Tony Abbott has finally broken his silence, 14 hours after his party voted against him and he lost his role as Prime Minister.
In a dignified, non-emotional speech, Mr Abbott vowed he would make the change of leadership as smooth as possible – with no wrecking or leaking.
Mr Abbott said, “I am proud of what the Abbott government has achieved, despite the whiteanting.”
He said this included trade agreements, infrastructure spending, probes into union corruption. “The boats have stopped, and with the boats stopped, we’ve been better able to display our compassion to refugees.”
Mr Abbott added that he regretted not finishing his work on Indigenous recognition, and not to be in a position to deal with the growing problems of ice and domestic violence.
He had some comments to make about the state of Australia’s politics:
“The nature of politics has changed in the past decade. We have more polls and more commentary than ever before. Mostly sour, bitter, character assassination. Poll-driven panic has produced a revolving door prime ministership which can’t be good for our country.”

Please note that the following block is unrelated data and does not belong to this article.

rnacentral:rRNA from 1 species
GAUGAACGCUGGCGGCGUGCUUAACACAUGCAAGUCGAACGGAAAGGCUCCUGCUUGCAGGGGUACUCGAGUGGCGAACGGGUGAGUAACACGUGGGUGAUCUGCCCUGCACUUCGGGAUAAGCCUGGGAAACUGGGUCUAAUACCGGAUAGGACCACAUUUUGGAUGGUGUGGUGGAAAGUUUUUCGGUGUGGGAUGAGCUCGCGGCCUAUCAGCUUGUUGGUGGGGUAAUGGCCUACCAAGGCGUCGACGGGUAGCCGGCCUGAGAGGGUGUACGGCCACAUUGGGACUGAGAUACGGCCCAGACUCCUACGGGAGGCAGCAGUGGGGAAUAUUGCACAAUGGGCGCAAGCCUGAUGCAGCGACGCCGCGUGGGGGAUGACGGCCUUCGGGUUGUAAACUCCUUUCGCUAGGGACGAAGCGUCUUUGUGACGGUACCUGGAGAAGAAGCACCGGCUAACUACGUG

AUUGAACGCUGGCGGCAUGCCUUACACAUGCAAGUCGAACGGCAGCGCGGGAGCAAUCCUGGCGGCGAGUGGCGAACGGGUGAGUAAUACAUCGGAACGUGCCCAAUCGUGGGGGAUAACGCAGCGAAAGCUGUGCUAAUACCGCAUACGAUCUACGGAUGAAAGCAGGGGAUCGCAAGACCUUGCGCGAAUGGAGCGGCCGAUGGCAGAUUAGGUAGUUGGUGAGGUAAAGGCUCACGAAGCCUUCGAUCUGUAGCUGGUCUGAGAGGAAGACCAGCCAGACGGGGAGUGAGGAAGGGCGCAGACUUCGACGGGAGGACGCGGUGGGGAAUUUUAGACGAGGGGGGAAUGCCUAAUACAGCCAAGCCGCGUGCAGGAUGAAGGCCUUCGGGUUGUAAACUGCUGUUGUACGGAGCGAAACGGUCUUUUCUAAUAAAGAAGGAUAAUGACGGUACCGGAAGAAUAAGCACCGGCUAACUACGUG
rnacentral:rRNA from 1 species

He also hit out at the “febrile” media culture “that rewards treachery”.
“If there’s one piece of advice I can give to the media, it’s this: refuse to print self-serving claims that the person making them won’t put his or her name to. Refuse to connive at dishonour by acting as the assassin’s knife.”
— ABC News (@abcnews) September 15, 2015
“Finally, I thank my country for the privilege of service. It is humbling to lose, but that does not compare to the honour of being asked to lead.
“In my maiden speech here in this Parliament, I quoted from the first Christian service ever preached here in Australia. The Reverend Richard Johnson took as his text, what shall I render unto the Lord for all his blessings to me? At this, my final statement as Prime Minister, I say: I have rendered all and I am proud of my service. My love for this country is as strong as ever, and may God bless this great Commonwealth.”
Mr Abbott took an unusually long time to make a statement – 14 hours in all. The hashtag #whereisTony has been the top trending hashtag all day.
Tell us, what do you make of Tony Abbott’s final speech? What would you like to say to him in return?